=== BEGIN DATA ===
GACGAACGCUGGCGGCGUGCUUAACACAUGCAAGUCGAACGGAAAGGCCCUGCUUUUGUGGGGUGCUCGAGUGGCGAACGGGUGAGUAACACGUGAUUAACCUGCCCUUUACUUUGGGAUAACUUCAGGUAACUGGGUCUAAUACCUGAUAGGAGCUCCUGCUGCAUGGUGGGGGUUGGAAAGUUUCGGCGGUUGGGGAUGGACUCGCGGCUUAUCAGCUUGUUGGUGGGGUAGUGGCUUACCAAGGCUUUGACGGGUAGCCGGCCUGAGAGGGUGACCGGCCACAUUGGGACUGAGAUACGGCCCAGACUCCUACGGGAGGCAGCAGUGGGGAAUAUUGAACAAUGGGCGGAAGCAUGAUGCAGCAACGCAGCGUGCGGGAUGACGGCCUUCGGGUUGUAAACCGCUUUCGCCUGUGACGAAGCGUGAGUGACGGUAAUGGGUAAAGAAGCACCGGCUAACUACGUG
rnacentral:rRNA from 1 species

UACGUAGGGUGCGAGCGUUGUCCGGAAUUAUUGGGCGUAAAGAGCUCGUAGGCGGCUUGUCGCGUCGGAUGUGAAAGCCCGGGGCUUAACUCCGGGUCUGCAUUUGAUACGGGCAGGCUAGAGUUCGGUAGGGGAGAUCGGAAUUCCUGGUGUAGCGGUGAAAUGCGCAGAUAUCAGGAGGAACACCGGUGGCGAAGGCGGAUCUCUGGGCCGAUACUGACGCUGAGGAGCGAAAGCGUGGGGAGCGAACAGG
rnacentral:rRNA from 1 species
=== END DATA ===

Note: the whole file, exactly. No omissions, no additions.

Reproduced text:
GACGAACGCUGGCGGCGUGCUUAACACAUGCAAGUCGAACGGAAAGGCCCUGCUUUUGUGGGGUGCUCGAGUGGCGAACGGGUGAGUAACACGUGAUUAACCUGCCCUUUACUUUGGGAUAACUUCAGGUAACUGGGUCUAAUACCUGAUAGGAGCUCCUGCUGCAUGGUGGGGGUUGGAAAGUUUCGGCGGUUGGGGAUGGACUCGCGGCUUAUCAGCUUGUUGGUGGGGUAGUGGCUUACCAAGGCUUUGACGGGUAGCCGGCCUGAGAGGGUGACCGGCCACAUUGGGACUGAGAUACGGCCCAGACUCCUACGGGAGGCAGCAGUGGGGAAUAUUGAACAAUGGGCGGAAGCAUGAUGCAGCAACGCAGCGUGCGGGAUGACGGCCUUCGGGUUGUAAACCGCUUUCGCCUGUGACGAAGCGUGAGUGACGGUAAUGGGUAAAGAAGCACCGGCUAACUACGUG
rnacentral:rRNA from 1 species

UACGUAGGGUGCGAGCGUUGUCCGGAAUUAUUGGGCGUAAAGAGCUCGUAGGCGGCUUGUCGCGUCGGAUGUGAAAGCCCGGGGCUUAACUCCGGGUCUGCAUUUGAUACGGGCAGGCUAGAGUUCGGUAGGGGAGAUCGGAAUUCCUGGUGUAGCGGUGAAAUGCGCAGAUAUCAGGAGGAACACCGGUGGCGAAGGCGGAUCUCUGGGCCGAUACUGACGCUGAGGAGCGAAAGCGUGGGGAGCGAACAGG
rnacentral:rRNA from 1 species